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Friday 24th October 2014

B&BF consensus statement on inadequate access to SNS for overactive bladder

The Bladder and Bowel Foundation (B&BF) representing individuals struggling with bladder and bowel incontinence would like to express grave concern over the lack of commissioning policy for Sacral Nerve Stimulation (SNS) for Urinary Incontinence across England.

The current situation has resulted in a number of areas unable to offer SNS for Urinary incontinence. Whilst cases can be referred to the Individual Funding Request panel many are not. The current situation is impractical for both individuals and clinicians and has resulted in widespread confusion and distress amongst patients who read about a proven* treatment but are denied access to it in many areas of the country. The current situation has been acknowledged by James Palmer, Clinical Director Specialised Commissioning and Linda Doherty, Women & Child Programme of Care Manager.

NICE CG 171 states that: “SNS should be considered for women with proven detrusor overactivity (DO) whose OAB has not responded to conservative management including drugs”:

1. They cannot/do not wish to carry out clean intermittent catheterisation (CIC)
2. When the first botulinum toxin A (200 IU or 100 IU) treatment has had no effect.

Patients suffering from this severely debilitating condition should be assessed to see if they may be suitable for a potentially *transformational treatment. B&BF believes that the current lack of commissioning policy for SNS contravenes the NHS Constitution stated objective of ‘putting patient’s first’ ( In many areas referral to treatment times will now be increased by over a year – for many resulting in loss of employment, inability to carry on daily activities and a consequent severe reduction in overall quality of life. (*See attached reference list)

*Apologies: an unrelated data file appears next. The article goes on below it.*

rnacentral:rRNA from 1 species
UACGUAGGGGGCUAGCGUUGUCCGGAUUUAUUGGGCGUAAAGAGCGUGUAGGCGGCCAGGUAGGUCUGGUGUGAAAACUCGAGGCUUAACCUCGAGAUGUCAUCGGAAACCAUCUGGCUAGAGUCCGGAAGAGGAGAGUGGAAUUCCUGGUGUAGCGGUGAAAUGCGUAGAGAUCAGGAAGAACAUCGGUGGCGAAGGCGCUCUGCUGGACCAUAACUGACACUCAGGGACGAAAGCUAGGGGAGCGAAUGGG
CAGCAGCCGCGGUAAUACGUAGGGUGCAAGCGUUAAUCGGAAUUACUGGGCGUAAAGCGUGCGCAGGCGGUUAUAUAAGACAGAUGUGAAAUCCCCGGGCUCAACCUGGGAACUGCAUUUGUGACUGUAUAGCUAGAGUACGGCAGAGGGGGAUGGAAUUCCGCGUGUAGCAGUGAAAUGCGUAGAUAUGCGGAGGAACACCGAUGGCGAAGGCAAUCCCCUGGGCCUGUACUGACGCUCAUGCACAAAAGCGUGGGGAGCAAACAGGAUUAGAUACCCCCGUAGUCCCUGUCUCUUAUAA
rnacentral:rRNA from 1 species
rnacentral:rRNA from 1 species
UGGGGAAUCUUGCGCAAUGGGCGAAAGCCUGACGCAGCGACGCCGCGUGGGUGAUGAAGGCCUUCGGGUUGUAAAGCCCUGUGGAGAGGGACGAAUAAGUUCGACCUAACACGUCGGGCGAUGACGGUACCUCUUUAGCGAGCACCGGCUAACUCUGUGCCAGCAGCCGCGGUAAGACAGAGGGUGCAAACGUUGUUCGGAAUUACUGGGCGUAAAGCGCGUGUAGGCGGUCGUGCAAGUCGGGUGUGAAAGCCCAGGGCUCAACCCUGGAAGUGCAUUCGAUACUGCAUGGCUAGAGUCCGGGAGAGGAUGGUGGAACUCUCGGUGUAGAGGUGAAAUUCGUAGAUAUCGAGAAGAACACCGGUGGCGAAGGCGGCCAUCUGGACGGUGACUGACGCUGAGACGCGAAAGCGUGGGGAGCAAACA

“No treatment means no job. No job means no money. No money means no mortgage. No mortgage means losing my home – the hidden costs of my condition are huge.” Tara 41
“I have been told that there is a treatment that may help me – my doctor cannot refer me for it locally. How can I access this treatment that is available elsewhere?” Jacqueline 48

B&BF would like NHS England to confirm the following:

1. B&BF respectfully request that NHS England agree to address the situation as a matter of priority.
2. B&BF would ask NHS England to clarify the treatment options that are currently available to these patients in the absence of a straightforward commissioning policy for SNS?
3. B&BF would like to see a robust commissioning policy for Urinary Incontinence in Women, endorsing NICE guidelines, in place by April 2015.

This Consensus Statement has been shared with and endorsed by the Executive Committees of the Section of Female, Neurological & Urodynamic Urology of The British Association of Urologists (BAUS), The Pelvic Floor Society (TPFS) and the United Kingdom Continence Society (UKCS)